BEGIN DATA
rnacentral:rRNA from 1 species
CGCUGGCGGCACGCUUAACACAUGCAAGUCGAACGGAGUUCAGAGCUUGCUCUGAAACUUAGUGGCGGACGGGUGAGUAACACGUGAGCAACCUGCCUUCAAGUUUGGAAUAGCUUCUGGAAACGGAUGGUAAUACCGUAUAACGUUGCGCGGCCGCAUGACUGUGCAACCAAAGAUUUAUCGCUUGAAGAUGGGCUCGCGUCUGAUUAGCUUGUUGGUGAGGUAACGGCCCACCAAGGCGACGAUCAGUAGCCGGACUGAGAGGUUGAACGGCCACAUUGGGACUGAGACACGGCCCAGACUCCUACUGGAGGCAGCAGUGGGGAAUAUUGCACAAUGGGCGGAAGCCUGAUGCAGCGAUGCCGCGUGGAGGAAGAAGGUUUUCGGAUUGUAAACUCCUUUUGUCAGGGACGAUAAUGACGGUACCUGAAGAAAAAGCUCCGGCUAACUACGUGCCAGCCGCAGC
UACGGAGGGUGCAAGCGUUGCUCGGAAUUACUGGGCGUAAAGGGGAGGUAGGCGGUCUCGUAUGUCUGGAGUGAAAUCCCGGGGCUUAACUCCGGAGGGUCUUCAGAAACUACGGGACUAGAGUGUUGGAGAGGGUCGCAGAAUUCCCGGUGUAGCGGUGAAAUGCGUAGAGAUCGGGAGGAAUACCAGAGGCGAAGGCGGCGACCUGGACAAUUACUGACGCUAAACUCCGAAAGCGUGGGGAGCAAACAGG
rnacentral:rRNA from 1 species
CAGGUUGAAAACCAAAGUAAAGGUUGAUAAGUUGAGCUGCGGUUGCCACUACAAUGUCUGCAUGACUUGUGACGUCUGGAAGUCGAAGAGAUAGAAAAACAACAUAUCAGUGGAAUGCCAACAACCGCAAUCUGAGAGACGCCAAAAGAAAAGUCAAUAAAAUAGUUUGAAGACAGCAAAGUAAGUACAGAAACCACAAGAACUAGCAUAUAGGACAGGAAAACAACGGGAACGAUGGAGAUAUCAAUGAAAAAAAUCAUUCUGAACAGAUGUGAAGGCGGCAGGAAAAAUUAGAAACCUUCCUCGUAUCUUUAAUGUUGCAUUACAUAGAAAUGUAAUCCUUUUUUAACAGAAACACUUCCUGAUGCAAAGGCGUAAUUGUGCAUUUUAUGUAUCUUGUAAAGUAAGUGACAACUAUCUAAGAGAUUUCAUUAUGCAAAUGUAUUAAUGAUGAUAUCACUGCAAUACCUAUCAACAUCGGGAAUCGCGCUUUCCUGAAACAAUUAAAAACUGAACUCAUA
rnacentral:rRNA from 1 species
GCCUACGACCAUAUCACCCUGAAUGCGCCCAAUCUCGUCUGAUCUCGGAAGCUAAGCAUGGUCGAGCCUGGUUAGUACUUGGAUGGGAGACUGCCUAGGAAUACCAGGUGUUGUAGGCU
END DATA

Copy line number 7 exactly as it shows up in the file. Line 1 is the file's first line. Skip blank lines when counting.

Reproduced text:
GCCUACGACCAUAUCACCCUGAAUGCGCCCAAUCUCGUCUGAUCUCGGAAGCUAAGCAUGGUCGAGCCUGGUUAGUACUUGGAUGGGAGACUGCCUAGGAAUACCAGGUGUUGUAGGCU